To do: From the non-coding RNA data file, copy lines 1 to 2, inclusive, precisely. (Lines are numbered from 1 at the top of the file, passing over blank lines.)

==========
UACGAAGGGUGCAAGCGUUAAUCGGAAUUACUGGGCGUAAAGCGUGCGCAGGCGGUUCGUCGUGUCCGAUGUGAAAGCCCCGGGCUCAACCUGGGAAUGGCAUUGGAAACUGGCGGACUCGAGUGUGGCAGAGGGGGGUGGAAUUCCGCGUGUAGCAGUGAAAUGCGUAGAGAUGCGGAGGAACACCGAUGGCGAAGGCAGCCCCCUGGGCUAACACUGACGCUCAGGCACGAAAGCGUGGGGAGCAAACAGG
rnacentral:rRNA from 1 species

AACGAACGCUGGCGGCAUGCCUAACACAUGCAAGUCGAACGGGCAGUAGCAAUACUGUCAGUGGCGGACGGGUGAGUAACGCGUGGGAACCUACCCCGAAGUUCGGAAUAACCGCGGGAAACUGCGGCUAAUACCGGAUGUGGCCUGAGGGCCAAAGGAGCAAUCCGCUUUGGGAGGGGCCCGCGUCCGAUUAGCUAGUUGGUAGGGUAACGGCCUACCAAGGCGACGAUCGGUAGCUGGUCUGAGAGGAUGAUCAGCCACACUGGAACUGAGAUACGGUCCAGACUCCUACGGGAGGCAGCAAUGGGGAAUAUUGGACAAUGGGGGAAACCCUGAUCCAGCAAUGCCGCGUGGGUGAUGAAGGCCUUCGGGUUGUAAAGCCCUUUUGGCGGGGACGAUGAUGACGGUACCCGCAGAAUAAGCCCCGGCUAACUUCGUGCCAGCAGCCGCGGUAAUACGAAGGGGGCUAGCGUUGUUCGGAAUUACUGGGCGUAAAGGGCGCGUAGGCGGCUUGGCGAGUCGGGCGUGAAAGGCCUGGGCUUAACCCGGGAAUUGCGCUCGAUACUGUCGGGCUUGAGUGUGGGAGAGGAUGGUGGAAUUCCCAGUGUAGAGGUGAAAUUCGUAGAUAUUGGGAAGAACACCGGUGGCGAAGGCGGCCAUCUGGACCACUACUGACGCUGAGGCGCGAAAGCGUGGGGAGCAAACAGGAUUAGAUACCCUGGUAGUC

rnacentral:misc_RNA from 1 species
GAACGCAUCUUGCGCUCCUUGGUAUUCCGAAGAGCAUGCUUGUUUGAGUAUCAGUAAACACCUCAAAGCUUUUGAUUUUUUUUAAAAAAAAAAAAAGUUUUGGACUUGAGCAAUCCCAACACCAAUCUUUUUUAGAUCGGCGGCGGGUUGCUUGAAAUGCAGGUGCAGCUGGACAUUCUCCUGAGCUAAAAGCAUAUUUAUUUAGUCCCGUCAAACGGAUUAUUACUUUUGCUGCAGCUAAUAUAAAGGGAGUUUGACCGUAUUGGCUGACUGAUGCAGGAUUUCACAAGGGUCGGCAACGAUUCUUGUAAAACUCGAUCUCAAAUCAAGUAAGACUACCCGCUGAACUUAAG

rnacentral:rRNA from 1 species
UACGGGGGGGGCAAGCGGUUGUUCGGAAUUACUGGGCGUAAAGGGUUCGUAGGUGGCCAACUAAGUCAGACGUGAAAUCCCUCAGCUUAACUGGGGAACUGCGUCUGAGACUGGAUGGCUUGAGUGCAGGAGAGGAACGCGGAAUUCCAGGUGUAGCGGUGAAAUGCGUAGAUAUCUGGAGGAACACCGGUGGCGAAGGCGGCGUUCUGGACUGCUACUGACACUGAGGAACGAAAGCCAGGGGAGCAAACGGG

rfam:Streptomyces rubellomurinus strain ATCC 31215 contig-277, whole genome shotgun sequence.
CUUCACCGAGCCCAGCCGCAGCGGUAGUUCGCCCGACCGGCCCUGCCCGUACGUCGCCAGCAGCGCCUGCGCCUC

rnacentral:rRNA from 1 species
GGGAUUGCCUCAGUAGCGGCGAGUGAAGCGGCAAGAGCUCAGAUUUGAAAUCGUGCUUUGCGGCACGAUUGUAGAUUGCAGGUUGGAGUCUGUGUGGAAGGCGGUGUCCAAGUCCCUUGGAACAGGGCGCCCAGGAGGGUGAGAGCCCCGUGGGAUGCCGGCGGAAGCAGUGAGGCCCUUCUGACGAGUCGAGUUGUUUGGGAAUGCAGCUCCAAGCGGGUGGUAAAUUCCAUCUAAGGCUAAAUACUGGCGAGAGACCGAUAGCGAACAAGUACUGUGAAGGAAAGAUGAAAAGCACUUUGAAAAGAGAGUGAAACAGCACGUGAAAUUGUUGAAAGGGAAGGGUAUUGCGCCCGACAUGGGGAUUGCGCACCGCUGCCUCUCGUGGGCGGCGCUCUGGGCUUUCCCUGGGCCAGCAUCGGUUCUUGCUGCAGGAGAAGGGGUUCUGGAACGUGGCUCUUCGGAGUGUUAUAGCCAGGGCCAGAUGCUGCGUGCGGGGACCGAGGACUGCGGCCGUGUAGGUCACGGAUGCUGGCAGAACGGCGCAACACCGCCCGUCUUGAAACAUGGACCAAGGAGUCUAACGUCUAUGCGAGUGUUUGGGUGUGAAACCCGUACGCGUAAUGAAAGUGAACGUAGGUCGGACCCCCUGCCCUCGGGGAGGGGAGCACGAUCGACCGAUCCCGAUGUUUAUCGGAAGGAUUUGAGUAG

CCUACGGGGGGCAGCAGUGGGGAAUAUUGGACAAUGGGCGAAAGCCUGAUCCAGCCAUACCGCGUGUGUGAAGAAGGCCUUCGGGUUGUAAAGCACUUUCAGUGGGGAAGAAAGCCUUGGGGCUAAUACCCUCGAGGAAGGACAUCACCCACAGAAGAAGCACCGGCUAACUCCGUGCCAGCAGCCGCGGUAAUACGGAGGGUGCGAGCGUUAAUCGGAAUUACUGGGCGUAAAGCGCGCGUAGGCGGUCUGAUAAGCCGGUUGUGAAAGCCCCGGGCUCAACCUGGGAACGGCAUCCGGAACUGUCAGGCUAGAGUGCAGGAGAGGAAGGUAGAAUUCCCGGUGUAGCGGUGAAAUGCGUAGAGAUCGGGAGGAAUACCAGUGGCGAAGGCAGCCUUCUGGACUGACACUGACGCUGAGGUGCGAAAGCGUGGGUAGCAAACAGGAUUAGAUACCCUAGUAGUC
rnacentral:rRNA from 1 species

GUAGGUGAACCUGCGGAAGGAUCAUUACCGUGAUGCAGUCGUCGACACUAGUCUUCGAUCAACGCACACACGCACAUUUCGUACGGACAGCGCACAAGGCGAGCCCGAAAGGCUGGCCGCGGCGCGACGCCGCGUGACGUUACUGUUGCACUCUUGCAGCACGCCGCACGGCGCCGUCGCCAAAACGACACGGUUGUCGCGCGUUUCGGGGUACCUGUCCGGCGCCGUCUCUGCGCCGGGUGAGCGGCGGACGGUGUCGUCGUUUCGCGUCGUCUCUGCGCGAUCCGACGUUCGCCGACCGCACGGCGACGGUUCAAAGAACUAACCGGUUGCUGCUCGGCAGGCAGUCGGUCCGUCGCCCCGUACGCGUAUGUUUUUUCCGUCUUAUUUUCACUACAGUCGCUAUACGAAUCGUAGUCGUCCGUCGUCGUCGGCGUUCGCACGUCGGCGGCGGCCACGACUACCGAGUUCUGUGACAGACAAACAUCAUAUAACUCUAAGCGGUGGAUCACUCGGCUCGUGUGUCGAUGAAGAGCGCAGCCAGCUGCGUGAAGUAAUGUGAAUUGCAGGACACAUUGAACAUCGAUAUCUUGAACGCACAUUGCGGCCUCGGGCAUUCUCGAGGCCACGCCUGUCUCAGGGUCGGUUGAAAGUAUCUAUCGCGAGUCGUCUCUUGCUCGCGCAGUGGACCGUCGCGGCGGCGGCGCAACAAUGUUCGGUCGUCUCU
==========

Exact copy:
UACGAAGGGUGCAAGCGUUAAUCGGAAUUACUGGGCGUAAAGCGUGCGCAGGCGGUUCGUCGUGUCCGAUGUGAAAGCCCCGGGCUCAACCUGGGAAUGGCAUUGGAAACUGGCGGACUCGAGUGUGGCAGAGGGGGGUGGAAUUCCGCGUGUAGCAGUGAAAUGCGUAGAGAUGCGGAGGAACACCGAUGGCGAAGGCAGCCCCCUGGGCUAACACUGACGCUCAGGCACGAAAGCGUGGGGAGCAAACAGG
rnacentral:rRNA from 1 species